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Are Twinkies a Strategic Snack Food?


Is America in danger of losing snack food superiority to China? Does the demise of a cream-filled snack cake signal the decline of a superpower?  A pillar of American strength is crumbling, judging by the furor over the impending demise of Twinkie maker Hostess. A petition to the White House to “nationalize the Twinkie industry” has garnered 21,000 signatures, while other outraged citizens demand a bailout of Hostess.

It doesn’t seem fair, does it? The banks were bailed out, even if the only thing they produced was fraudulent financial products. If Northrop Grumman or Lockheed Martin went broke, the Pentagon would find a way to keep them in business, though Ding Dongs bring more joy to the world than stealth bombers. As Jack Lemmon said when he played struggling clothing manufacturer Harry Stoner in Save the Tiger, “If we were flat on our ass and we made missiles, Congress would send us a certified check. We happen to make dresses.”

It is true that a measure of a nation’s power is the goods that it produces. A century ago, it was coal and steel to build battleships and railroads. Today, it’s software. But do sugary sweets explain the rise and fall of nations? Not really. The end of Twinkies will not undercut U.S. military strength (though the dissapearance of tobasco sauce might). No American soldiers need fight overseas to protect foreign Twinkie supplies. Indeed, if obesity jeopardizes the health fabric of a nation, then Twinkies could be deemed a national security threat.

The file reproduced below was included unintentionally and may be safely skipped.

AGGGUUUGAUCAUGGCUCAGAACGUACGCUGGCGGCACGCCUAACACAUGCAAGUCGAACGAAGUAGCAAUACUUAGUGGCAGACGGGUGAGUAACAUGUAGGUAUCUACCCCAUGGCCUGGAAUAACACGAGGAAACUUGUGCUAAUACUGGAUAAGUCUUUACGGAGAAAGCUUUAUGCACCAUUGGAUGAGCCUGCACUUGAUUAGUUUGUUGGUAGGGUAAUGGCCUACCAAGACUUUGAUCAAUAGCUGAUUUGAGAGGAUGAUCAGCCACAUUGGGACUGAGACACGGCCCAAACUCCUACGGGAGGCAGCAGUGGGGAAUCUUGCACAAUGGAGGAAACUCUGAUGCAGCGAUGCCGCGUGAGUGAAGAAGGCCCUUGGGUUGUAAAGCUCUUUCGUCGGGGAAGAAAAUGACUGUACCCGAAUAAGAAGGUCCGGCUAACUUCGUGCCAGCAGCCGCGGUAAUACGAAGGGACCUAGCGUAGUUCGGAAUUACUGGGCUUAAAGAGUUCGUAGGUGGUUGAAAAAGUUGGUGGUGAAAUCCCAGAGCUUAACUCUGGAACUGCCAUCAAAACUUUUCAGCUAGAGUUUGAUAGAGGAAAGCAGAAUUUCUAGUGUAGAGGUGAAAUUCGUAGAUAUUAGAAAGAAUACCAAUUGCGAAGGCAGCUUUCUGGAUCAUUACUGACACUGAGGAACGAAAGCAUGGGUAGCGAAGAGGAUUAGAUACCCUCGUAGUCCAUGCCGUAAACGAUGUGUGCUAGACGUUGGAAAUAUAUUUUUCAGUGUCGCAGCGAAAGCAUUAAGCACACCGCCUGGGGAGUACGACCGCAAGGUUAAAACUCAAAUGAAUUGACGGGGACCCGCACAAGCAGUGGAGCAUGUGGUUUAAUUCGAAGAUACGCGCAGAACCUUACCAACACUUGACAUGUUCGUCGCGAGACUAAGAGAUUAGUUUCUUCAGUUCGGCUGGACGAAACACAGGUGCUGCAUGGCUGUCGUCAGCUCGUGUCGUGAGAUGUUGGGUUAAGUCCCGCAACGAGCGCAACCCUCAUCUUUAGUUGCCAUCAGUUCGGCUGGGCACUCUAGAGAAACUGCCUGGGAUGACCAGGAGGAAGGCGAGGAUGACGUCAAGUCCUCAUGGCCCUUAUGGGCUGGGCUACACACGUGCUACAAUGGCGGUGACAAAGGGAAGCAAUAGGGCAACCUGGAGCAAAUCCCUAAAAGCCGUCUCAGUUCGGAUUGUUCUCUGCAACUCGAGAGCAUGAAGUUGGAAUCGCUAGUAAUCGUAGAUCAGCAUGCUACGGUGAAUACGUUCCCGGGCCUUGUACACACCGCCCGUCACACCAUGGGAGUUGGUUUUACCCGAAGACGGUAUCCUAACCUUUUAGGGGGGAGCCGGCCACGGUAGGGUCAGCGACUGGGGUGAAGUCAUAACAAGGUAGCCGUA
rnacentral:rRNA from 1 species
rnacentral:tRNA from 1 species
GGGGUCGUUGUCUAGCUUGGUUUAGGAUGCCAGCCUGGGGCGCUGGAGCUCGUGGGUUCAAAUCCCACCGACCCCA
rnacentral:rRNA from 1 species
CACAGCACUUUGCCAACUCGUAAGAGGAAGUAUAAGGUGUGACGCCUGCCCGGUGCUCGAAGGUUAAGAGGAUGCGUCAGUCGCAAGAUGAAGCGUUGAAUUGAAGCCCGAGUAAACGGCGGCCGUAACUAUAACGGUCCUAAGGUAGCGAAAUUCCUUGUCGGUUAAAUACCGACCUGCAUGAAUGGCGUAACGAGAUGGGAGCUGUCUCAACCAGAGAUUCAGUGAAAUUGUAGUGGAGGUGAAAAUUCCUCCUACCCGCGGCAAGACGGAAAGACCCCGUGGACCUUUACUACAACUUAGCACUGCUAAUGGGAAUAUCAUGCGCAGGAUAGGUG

Yet Twinkies are strategic, though not in the same way as oil or uranium. It’s not that Twinkies themselves are vital, but the reason for their demise is. By all accounts, Twinkies were an aging but still popular product made by an established company and workforce. But a succession of bankruptcies resulting from poor management decisions left the company in dire financial condition even as top managers awarded themselves huge bonuses. Twinkies fell victim to the same thinking that led American companies to outsource their operations to Asia, and helped make China an economic rival. The same thinking that spurs once-innovative American companies to slash research and investment in order to inflate short-term profits. Twinkies are a victim of today’s predatory American economy, where financial shenanigans and pillaging of assets destroy companies that actually produce goods that people want, and wipe out 18,000 jobs in the process.

If there is one bit of good news, it’s this: after tasting Chinese moon cakes, I am convinced that America can still win the snack food war.